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Young children in Wales face racist attacks, Senedd committee hears

the senedd in cardiff bay
The Senedd Credit: Senedd Cymru / Welsh Parliament

Children as young as three-years-old are involved in racism with prejudice on the rise in Wales’ schools, MSs heard.

The Senedd’s equality committee took evidence from Race Council Cymru and Cardiff University as part of an inquiry on the Welsh Government’s anti-racist Wales action plan.

Uzo Iwobi, founder and chief executive of Race Council Cymru, told MSs that children are increasingly facing racism-fuelled physical and verbal attacks while at school.

She said: “In one week, we had 15 phone calls from schools across Wales narrating different incidences of racism involving children as young as three, which is horrific.”

Prof Iwobi stressed that racism is learned behaviour as she highlighted the need to educate parents as well as pupils.

She added: “One of the little girls refused to come to school because she had been told she should live on a tree because her family looked like monkeys or some words to that effect.”

Hate crime

Prof Iwobi warned that official rates of reporting of hate crime have dropped while contacts with charities, such as Race Council Cymru, have significantly increased.

The barrister and law lecturer told MSs that communities do not have confidence in the police, saying people have reported incidents in the past but nothing has changed.

She recalled a vicious attack on a 14-year-old boy outside school by two white children, which parents did not want to report to authorities.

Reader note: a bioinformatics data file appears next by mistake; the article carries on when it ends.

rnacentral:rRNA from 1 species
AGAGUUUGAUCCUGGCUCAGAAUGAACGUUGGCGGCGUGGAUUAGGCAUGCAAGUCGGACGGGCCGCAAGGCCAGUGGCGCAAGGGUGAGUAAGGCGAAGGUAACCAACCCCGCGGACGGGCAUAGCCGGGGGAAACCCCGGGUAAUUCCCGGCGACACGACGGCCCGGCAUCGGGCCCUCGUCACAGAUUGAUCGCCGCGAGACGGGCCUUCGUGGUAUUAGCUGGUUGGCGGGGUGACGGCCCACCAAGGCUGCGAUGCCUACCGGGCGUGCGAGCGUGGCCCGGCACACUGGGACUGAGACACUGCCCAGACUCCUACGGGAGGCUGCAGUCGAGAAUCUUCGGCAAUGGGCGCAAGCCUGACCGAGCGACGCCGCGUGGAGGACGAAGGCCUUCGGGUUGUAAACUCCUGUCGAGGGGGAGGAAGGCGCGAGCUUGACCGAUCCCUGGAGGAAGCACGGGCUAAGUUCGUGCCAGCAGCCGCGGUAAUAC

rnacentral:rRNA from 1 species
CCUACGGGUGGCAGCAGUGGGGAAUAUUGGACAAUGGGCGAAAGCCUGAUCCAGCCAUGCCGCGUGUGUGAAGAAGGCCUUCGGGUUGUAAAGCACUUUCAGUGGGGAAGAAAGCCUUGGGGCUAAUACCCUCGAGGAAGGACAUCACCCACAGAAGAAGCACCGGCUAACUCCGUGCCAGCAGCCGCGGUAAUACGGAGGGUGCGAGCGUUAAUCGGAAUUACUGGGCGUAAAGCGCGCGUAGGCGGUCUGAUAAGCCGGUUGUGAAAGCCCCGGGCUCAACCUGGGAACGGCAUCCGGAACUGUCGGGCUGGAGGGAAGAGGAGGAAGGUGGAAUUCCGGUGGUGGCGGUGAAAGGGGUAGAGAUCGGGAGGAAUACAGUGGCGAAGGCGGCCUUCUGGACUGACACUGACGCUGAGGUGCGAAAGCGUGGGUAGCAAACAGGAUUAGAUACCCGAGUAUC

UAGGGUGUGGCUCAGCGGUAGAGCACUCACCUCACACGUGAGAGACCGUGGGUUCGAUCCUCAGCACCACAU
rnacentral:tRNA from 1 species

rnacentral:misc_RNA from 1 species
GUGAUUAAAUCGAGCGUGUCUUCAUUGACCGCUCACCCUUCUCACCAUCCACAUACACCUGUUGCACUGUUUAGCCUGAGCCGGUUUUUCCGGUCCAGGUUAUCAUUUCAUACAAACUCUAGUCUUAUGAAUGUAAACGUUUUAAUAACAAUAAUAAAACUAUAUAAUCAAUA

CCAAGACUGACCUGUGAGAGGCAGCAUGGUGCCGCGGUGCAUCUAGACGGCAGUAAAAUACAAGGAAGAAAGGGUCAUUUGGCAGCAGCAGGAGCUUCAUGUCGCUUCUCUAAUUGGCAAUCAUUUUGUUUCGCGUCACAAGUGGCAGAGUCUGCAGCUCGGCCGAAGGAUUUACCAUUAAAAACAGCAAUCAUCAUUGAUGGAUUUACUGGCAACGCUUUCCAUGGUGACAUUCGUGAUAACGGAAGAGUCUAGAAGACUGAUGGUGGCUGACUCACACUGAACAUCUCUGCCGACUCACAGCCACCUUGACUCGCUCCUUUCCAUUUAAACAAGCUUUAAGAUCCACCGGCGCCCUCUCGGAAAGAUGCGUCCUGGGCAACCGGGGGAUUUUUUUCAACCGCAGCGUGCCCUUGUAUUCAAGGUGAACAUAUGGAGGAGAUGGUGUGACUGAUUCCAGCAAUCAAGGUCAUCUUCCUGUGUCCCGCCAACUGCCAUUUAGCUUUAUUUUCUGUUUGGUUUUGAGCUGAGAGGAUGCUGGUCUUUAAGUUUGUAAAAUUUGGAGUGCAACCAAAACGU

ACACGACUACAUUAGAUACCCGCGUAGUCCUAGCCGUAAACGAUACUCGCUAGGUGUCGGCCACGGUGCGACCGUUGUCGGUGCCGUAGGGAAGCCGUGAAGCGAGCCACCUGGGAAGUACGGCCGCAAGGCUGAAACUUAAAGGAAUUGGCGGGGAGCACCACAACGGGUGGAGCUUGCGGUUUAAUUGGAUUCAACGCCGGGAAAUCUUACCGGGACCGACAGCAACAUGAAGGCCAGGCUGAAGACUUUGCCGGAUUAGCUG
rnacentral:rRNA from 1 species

“Many people are beginning to feel like this is everyday racism,” she said. “This happens to us time and time and time again.”

She added that Race Council Cymru was advised to cancel black history celebrations in Llanelli this year due to the negative reception of asylum seekers.


Prof Iwobi raised concerns about a significant increase in anti-Semitism and Islamophobia due to the Israel-Gaza war.

She told the committee that women wearing Hijabs in particular are increasingly facing hate, citing the example of a Muslim who was egged on the streets of Cardiff last week.

She said community leaders report that Wales is almost no longer a safe place to be Jewish.

Prof Iwobi said: “Sadly, with the protests ongoing – it has resulted in more targeting against others who are not protesting. It is a very frightening experience to be out there involved in community work at this time.”


The committee heard that ethnic minorities are overrepresented in almost every aspect of the criminal justice system.

Prof Iwobi described the prison system as clearly institutionally racist and biased against black men in particular.

She called for an overhaul of the justice system and a roll-out of anti-racism training.

Robert Jones, a lecturer at Cardiff University, highlighted sentencing disparities and a lack of trust in the legal profession during the meeting on Monday November 20.


Raising concerns about the lack of a disaggregated picture for Wales, Dr Jones described the Ministry of Justice as “almost geographically illiterate”.

By contrast, MSs heard that Home Office data – which is broken down by police force – shows disproportionate use of stop and search on black and mixed ethnic groups in Wales.

Dr Jones warned that evidence is lacking: “Before we even begin to think about tackling the problem, our understanding of the problem still has some way to go.”

He called for investment in research to provide more of an in-depth understanding, saying the Wales Governance Centre is working on a Welsh criminal justice observatory.

‘Jagged edge’

In written evidence, Dr Jones described racial disproportionality within criminal justice in Wales as systematic and consistent.

He pointed out that many of the necessary levers to tackle racism are not devolved, raising concerns about the “jagged edge” of the Welsh justice system.

“Wales is unique, it’s an anomalous system,” said Dr Jones.

“It has a legislature and an executive that doesn’t have the justice function – the only common law country in the world to have that anomaly.”

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Young children in Wales face racist attacks, Senedd committee hears